Carrier IQ Bits and Pieces

Some background about Carrier IQ before the hullabaloo started.

  • People had found about this before
  • Some in the industry questioned why such an expensive solution for a relatively simple problem
  • Data was available to ‘market researchers’
  • Software was installed on modems too
  • A lot of carriers were involved

This is not new. Several people have pointed this out before. This from December 2010: xda-developers – View Single Post – **warning** you can get your phone to a unrecoverable state:

On whether or not it’s possible for Sprint to dig up data after a complete Odin wipe may be debatable, but I lean toward supporting the “yes, they can” side. Sprint has been, for – as far as I can tell – a while, since the Moment at least, been including Carrier IQ in Android ROMs. Carrier IQ – which you can get more info on here (browse around there) is highly invasive, to the level of being spyware. It tracks signal data, application usage, and much else – its services and libraries are tied deeply into the system, to the point that killing just the client (not the server) will destroy the battery meter.

And this, even earlier, from a potential rival: Carrier IQ: Mobile Service Intelligence ?’s – DeadZones.com. They point out that Carrier IQ is very expensive, and has raised a lot of money, for something that is supposedly very simple (finding dropout zones). Commenters point out the pitfalls (lower battery life, data in the hands of faceless corporations):

I did not give consent for this and see the use of such software unethical. I can see no positive effect this can have for the end user. I can see many scenarios in which these corporations could heinously profit from it, though.

Back in 2008, it could claim, according to Company 2008: FierceWireless, Fierce 15 – FierceWireless, that

Carrier IQ’s client list includes Sprint and Sierra Wireless. CEO Quinlivan says the firm works with at least seven of the top 10 major OEMs. Look for the firm to increase its scale in the coming year through more vendor and carrier deals.

Huawei is a customer, not only for handsets, but also for modems: Huawei to Embed Network Diagnostic Tools into 3G Modems in 2009 says:

Announcing the partnership, Carrier IQ CEO, Mark Quinlivan, said: “These new cards will make for smoother delivery of Mobile Data services, improvements in Customer Care services, identification of network coverage gaps and increased awareness of actual user behavior.”

This from Sept 2010 Carrier IQ Powers Android Platform with Mobile Service Intelligence makes clear a number of things.

Experience = behavior for Carrier IQ, so this is not just about logging dropouts:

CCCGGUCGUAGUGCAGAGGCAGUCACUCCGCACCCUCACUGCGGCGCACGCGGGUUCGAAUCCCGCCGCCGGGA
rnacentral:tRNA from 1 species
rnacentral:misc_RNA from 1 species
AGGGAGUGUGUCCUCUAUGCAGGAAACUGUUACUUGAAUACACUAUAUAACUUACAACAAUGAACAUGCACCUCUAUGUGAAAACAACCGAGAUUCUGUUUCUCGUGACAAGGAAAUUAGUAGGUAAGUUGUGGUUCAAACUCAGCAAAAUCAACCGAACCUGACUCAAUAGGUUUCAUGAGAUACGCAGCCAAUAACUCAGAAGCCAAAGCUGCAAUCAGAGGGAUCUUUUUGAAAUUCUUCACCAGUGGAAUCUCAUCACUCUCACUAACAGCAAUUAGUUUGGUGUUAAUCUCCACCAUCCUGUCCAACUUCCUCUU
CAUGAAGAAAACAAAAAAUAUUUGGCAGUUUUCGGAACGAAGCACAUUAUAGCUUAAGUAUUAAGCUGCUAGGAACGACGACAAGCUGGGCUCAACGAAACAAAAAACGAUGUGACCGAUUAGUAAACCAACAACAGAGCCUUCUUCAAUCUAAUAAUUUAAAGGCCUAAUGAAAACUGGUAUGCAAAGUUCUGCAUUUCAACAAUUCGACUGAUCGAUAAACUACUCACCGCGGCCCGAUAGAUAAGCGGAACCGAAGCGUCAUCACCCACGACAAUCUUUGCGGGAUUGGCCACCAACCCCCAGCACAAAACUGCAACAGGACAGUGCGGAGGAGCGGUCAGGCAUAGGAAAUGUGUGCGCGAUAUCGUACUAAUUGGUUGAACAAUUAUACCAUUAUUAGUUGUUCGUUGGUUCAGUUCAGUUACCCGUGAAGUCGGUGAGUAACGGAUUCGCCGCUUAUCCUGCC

On-device measurement of the mobile user experience is the key to better understanding user behavior and ultimately optimizing product offerings to match market demands.

This data was not just available to the telcos. The press release also includes an unlikely end-user:

Carrier IQ enables mobile operators, device manufacturers, application developers and market researchers to improve their offerings based on direct insight into the customer experience.

As of last year, 12 leading vendors were using Carrier IQ:

Deployed on over 90M devices from 12 leading vendors worldwide, Carrier IQ is the leading provider of Mobile Service Intelligence solutions that use mobile devices to provide detailed metrics in a highly secure environment.

Former Soviet Bloc, Allies, Under Lurid Attack

Trend Micro researchers David Sancho and Nart Villeneuve have written up an interesting attack they’ve dubbed LURID on diplomatic missions, government ministries, space-related government agencies and other companies and research institutions in the former Soviet bloc and its allies. (Only China was not a Soviet bloc member or ally in the list, and it was the least affected by the attack.)

Although they don’t say, or speculate, about the attacker, it’s not hard to conclude who might be particularly interested in what the attacks are able to dig up:

Although our research didn’t reveal precisely which data was being targeted, we were able to determine that, in some cases, the attackers attempted to steal specific documents and spreadsheets.

Russia had 1,063 IP addresses hit in the attacks; Kazakhstan, 325; Ukraine, 102; Vietnam, 93; Uzbekistan; 88; Belarus, 67; India, 66; Kyrgyzstan, 49; Mongolia, 42; and China, 39.

The campaign has been going for at least a year, and has infected some 1,465 computers in 61 countries with more than 300 targeted attacks.

Dark Reading quotes Jamz Yaneza, a research director at Trend Micro, as saying it’s probably a case of industrial espionage. But who by? ”This seems to be a notable attack in that respect: It doesn’t target Western countries or states. It seems to be the reverse this time,” Yaneza says.

Other tidbits from the Dark Reading report: Definitely not out of Russia, according to Yaneza. David Perry, global director of education at Trend Micro, says could be out of China or U.S., but no evidence of either. So it could be either hacktivists or industrial espionage. Yaneza says attackers stole Word files and spreadsheets, not financial information. “A lot of the targets seemed to be government-based,” he says.

My tuppennies’ worth? Seems unlikely to be hactivists, at least the type we think of. This was a concerted campaign, specifically aimed to get certain documents. Much more likely to be either industrial espionage or pure espionage. Which means we might have reached the stage where groups of hackers are conducting these attacks because a market exists for the product retrieved. Or had we already gotten there, and just not known it?

Either way, Russia and its former allies are now in the crosshairs.

More reading:

Massive malware attacks uncovered in former USSR | thinq_

Cyberspy attacks targeting Russians traced back to UK and US • The Register